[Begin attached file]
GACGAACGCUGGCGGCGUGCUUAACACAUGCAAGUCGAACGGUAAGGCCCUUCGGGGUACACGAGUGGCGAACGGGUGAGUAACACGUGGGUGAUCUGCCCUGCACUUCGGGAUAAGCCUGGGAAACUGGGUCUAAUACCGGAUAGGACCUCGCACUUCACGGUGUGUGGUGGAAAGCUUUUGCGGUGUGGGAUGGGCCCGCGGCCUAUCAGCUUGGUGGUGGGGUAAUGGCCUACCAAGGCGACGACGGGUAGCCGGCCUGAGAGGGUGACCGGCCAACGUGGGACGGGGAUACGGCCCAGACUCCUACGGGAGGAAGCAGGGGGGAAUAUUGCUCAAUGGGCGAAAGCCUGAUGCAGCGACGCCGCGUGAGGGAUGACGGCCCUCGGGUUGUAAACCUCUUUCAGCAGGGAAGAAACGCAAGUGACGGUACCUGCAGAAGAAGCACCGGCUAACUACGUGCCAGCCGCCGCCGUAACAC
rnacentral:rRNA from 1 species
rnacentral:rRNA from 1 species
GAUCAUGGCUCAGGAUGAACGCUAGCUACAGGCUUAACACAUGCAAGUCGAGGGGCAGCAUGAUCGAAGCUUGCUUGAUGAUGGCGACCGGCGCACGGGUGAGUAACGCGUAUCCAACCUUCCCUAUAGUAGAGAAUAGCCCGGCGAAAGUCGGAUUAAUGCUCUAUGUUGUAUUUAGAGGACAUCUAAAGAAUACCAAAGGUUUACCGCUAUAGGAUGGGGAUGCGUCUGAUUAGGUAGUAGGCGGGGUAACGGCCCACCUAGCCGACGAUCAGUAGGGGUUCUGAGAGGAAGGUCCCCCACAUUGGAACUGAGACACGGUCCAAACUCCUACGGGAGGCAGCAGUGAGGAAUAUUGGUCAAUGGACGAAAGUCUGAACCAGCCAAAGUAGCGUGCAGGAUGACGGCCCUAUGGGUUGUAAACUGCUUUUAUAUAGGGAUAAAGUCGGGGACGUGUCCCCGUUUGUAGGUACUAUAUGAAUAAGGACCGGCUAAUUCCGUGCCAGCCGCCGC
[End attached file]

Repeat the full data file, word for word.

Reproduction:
GACGAACGCUGGCGGCGUGCUUAACACAUGCAAGUCGAACGGUAAGGCCCUUCGGGGUACACGAGUGGCGAACGGGUGAGUAACACGUGGGUGAUCUGCCCUGCACUUCGGGAUAAGCCUGGGAAACUGGGUCUAAUACCGGAUAGGACCUCGCACUUCACGGUGUGUGGUGGAAAGCUUUUGCGGUGUGGGAUGGGCCCGCGGCCUAUCAGCUUGGUGGUGGGGUAAUGGCCUACCAAGGCGACGACGGGUAGCCGGCCUGAGAGGGUGACCGGCCAACGUGGGACGGGGAUACGGCCCAGACUCCUACGGGAGGAAGCAGGGGGGAAUAUUGCUCAAUGGGCGAAAGCCUGAUGCAGCGACGCCGCGUGAGGGAUGACGGCCCUCGGGUUGUAAACCUCUUUCAGCAGGGAAGAAACGCAAGUGACGGUACCUGCAGAAGAAGCACCGGCUAACUACGUGCCAGCCGCCGCCGUAACAC
rnacentral:rRNA from 1 species
rnacentral:rRNA from 1 species
GAUCAUGGCUCAGGAUGAACGCUAGCUACAGGCUUAACACAUGCAAGUCGAGGGGCAGCAUGAUCGAAGCUUGCUUGAUGAUGGCGACCGGCGCACGGGUGAGUAACGCGUAUCCAACCUUCCCUAUAGUAGAGAAUAGCCCGGCGAAAGUCGGAUUAAUGCUCUAUGUUGUAUUUAGAGGACAUCUAAAGAAUACCAAAGGUUUACCGCUAUAGGAUGGGGAUGCGUCUGAUUAGGUAGUAGGCGGGGUAACGGCCCACCUAGCCGACGAUCAGUAGGGGUUCUGAGAGGAAGGUCCCCCACAUUGGAACUGAGACACGGUCCAAACUCCUACGGGAGGCAGCAGUGAGGAAUAUUGGUCAAUGGACGAAAGUCUGAACCAGCCAAAGUAGCGUGCAGGAUGACGGCCCUAUGGGUUGUAAACUGCUUUUAUAUAGGGAUAAAGUCGGGGACGUGUCCCCGUUUGUAGGUACUAUAUGAAUAAGGACCGGCUAAUUCCGUGCCAGCCGCCGC